At first glance there isn't a great deal to separate the Handling GTE from a "normal" 599 GTB Fiorano.

Exterior changes are minor, like new 20-inch wheels, a brushed finish prancing horse front and back and new tailpipe tips. Hear the car rushing along and you'll note a throatier exhaust note.

Inside is a bit more, such as carbonfibre shell seats that are as comfortable as they are good looking, finished in leather and Alcantara, plus added carbonfibre trim.

Even the driveline is little changed right down to the Enzo-related V-12's 6.0 litres, 462kW, 608Nm and the ratios in the 6-speed paddle shifter gearbox, though it now ticks from gear to gear in a fraction-of-a-breath 85 milliseconds, thanks to new software.

So what's really new? The GTE part, which includes stiffening the front springs 17 percent, the rears 15 percent and upping the back anti-roll bar from 23.5 to 25.0 mm. Roll stiffness is up 19 percent. The magnetorheological shocks are firmed appropriately, the front tires on wheels .5 of an inch wider and the car is lowered 10mm.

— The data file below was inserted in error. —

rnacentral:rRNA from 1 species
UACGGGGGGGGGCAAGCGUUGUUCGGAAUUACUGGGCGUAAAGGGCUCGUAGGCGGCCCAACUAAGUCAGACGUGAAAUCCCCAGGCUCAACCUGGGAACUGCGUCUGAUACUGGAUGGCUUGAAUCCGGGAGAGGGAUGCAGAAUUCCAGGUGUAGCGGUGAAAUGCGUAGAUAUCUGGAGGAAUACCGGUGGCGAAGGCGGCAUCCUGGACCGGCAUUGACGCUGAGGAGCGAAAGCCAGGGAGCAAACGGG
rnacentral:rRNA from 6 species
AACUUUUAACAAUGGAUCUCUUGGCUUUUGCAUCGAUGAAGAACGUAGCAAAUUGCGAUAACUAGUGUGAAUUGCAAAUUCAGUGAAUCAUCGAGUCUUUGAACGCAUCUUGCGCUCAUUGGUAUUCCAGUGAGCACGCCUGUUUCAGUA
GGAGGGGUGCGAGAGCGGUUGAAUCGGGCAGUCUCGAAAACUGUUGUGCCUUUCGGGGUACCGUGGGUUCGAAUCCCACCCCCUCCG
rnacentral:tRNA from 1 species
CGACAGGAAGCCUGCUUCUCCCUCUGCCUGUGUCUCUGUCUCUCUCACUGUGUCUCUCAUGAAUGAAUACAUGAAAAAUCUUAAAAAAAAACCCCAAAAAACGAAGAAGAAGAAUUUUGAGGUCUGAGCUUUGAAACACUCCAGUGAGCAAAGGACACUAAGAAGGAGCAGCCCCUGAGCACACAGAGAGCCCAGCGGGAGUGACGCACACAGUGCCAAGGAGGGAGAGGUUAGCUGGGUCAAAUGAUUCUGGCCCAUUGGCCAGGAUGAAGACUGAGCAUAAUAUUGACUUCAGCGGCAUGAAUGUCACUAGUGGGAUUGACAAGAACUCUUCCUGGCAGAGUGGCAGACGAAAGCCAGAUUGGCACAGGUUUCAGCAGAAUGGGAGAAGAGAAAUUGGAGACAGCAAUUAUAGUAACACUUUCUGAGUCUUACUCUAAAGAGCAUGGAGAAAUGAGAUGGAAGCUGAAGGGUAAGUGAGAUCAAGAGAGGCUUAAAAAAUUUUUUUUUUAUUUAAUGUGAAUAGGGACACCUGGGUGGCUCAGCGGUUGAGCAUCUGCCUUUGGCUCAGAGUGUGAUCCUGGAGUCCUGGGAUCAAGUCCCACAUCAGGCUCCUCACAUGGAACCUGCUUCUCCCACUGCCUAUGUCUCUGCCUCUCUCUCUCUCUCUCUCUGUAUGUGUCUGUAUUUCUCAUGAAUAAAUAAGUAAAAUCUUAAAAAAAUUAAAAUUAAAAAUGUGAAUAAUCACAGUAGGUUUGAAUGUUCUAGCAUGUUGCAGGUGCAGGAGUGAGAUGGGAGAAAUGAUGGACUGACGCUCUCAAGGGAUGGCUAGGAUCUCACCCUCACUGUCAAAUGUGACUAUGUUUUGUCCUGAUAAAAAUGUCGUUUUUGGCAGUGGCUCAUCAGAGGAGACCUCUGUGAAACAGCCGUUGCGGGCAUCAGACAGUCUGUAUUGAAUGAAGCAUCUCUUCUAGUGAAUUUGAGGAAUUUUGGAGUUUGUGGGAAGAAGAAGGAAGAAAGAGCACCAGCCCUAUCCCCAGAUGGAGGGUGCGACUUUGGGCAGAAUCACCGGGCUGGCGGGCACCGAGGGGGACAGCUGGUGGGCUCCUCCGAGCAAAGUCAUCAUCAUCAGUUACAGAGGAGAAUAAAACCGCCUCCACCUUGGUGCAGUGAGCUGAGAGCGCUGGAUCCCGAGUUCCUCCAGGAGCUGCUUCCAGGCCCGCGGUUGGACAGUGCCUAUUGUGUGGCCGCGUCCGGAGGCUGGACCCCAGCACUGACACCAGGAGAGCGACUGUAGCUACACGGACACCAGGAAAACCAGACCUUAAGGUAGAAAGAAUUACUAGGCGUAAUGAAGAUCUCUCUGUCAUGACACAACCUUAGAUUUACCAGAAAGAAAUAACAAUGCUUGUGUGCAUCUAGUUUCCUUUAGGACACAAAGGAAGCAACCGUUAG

Other changes include the ability to downshift several gears if you are under hard braking and hold the left shift paddle depressed, which is a little odd the first time you do it, but then just adds to the fun. And when you move the manettino lever to a sportier setting the gearbox shifts down.

We had the chance to try to GTE on Ferrari's Fiorano track and the spring flower-lined roads that wander through the Apennine foothills behind Maranello. The GTE stays firmly planted, the front end feeling more positive in turn-in, the 1688-kg Ferrari "driving" lighter and smaller than it really is. Ride is firmer, but not what you would term edgier so the 599 remains a comfortable long-range tourer.

Figure the price of the Handling GTE package is about a 10 percent premium on the 599's standard price.